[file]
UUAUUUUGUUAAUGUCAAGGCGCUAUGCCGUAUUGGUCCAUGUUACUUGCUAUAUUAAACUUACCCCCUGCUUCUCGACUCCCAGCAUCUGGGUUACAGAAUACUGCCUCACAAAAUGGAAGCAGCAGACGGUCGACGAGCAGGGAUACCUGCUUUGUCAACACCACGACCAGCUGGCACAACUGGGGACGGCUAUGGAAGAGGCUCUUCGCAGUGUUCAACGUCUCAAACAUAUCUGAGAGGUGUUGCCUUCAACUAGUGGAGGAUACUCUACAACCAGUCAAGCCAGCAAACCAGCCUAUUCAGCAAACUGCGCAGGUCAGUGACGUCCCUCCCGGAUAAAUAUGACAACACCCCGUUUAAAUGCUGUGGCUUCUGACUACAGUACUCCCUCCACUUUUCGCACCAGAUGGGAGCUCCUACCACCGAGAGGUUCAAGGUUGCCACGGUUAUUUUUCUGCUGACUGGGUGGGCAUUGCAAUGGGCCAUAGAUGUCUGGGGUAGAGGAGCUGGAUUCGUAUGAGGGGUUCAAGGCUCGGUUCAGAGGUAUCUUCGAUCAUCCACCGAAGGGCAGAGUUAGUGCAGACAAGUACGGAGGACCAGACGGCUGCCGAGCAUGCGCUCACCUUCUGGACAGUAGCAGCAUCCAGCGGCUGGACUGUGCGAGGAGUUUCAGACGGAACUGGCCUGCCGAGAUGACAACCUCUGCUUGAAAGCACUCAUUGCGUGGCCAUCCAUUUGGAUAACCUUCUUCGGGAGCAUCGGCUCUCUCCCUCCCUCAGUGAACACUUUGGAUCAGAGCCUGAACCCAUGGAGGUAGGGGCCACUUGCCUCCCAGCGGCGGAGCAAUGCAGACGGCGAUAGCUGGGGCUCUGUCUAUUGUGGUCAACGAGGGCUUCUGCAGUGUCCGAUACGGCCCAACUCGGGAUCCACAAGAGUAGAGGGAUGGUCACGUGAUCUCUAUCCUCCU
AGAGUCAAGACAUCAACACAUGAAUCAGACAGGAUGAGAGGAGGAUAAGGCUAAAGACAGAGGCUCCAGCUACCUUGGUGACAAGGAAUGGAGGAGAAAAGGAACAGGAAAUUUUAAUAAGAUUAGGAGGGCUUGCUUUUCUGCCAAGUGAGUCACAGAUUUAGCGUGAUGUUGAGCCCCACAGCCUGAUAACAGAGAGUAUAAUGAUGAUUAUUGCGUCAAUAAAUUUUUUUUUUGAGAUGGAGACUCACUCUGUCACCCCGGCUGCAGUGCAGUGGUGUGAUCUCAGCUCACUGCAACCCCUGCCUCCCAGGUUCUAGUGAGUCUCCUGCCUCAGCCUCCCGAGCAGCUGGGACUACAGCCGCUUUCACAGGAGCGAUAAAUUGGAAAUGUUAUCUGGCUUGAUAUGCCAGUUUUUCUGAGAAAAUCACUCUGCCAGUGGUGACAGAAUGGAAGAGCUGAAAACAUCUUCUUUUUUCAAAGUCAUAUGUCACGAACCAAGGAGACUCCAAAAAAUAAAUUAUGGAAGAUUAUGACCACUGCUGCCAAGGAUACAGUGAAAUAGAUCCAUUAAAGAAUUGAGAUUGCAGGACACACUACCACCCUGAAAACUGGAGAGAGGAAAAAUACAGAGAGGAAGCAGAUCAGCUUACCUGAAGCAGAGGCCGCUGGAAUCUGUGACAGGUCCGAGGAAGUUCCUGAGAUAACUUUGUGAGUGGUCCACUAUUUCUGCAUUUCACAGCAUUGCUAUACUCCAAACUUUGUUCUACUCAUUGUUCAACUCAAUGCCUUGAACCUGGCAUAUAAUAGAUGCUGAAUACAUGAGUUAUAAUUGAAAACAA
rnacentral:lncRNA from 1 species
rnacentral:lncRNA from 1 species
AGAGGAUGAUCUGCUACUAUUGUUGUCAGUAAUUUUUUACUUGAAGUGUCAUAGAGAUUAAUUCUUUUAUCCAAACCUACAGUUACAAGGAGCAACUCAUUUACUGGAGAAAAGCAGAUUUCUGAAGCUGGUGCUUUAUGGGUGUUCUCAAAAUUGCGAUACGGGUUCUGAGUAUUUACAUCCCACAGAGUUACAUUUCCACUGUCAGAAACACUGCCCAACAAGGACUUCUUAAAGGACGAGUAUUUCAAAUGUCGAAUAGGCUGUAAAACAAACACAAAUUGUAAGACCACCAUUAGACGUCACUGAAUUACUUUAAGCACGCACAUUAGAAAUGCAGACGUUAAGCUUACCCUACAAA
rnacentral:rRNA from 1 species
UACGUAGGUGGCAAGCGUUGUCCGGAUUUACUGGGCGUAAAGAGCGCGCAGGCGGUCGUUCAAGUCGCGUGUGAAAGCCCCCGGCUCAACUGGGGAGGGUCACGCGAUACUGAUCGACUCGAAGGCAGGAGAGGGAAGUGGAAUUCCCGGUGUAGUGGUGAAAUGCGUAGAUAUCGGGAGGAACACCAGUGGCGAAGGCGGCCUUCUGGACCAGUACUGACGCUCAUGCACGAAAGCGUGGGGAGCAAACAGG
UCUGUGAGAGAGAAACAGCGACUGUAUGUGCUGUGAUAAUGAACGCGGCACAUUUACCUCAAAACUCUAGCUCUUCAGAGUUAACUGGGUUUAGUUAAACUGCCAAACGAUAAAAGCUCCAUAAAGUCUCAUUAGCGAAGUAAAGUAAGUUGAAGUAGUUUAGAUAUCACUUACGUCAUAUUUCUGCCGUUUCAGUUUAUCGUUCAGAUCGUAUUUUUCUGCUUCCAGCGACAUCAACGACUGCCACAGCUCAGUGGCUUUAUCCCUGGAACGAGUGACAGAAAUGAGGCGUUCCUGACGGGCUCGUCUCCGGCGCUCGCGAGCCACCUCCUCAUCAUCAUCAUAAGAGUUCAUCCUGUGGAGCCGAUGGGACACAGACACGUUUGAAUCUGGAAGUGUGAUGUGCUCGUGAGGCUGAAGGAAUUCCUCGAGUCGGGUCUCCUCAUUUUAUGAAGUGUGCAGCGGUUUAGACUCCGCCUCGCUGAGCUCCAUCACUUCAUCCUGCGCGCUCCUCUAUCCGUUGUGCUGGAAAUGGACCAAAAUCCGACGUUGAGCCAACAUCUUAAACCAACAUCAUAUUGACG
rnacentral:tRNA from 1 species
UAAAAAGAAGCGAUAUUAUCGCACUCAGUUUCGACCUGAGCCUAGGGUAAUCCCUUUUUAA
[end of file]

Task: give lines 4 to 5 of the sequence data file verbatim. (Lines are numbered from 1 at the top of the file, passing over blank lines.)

rnacentral:lncRNA from 1 species
AGAGGAUGAUCUGCUACUAUUGUUGUCAGUAAUUUUUUACUUGAAGUGUCAUAGAGAUUAAUUCUUUUAUCCAAACCUACAGUUACAAGGAGCAACUCAUUUACUGGAGAAAAGCAGAUUUCUGAAGCUGGUGCUUUAUGGGUGUUCUCAAAAUUGCGAUACGGGUUCUGAGUAUUUACAUCCCACAGAGUUACAUUUCCACUGUCAGAAACACUGCCCAACAAGGACUUCUUAAAGGACGAGUAUUUCAAAUGUCGAAUAGGCUGUAAAACAAACACAAAUUGUAAGACCACCAUUAGACGUCACUGAAUUACUUUAAGCACGCACAUUAGAAAUGCAGACGUUAAGCUUACCCUACAAA